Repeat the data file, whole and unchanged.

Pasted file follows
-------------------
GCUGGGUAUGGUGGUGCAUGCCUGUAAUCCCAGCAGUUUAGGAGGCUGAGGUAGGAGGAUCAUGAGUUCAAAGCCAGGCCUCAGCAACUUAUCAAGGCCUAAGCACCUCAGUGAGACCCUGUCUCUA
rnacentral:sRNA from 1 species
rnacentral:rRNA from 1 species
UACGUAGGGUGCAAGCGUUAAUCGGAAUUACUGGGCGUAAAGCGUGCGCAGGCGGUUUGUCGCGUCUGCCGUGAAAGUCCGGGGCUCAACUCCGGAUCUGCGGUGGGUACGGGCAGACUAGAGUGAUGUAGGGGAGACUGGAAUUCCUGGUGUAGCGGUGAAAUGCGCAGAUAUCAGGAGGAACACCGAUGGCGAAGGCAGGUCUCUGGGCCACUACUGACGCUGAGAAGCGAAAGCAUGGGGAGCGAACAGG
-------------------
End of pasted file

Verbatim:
GCUGGGUAUGGUGGUGCAUGCCUGUAAUCCCAGCAGUUUAGGAGGCUGAGGUAGGAGGAUCAUGAGUUCAAAGCCAGGCCUCAGCAACUUAUCAAGGCCUAAGCACCUCAGUGAGACCCUGUCUCUA
rnacentral:sRNA from 1 species
rnacentral:rRNA from 1 species
UACGUAGGGUGCAAGCGUUAAUCGGAAUUACUGGGCGUAAAGCGUGCGCAGGCGGUUUGUCGCGUCUGCCGUGAAAGUCCGGGGCUCAACUCCGGAUCUGCGGUGGGUACGGGCAGACUAGAGUGAUGUAGGGGAGACUGGAAUUCCUGGUGUAGCGGUGAAAUGCGCAGAUAUCAGGAGGAACACCGAUGGCGAAGGCAGGUCUCUGGGCCACUACUGACGCUGAGAAGCGAAAGCAUGGGGAGCGAACAGG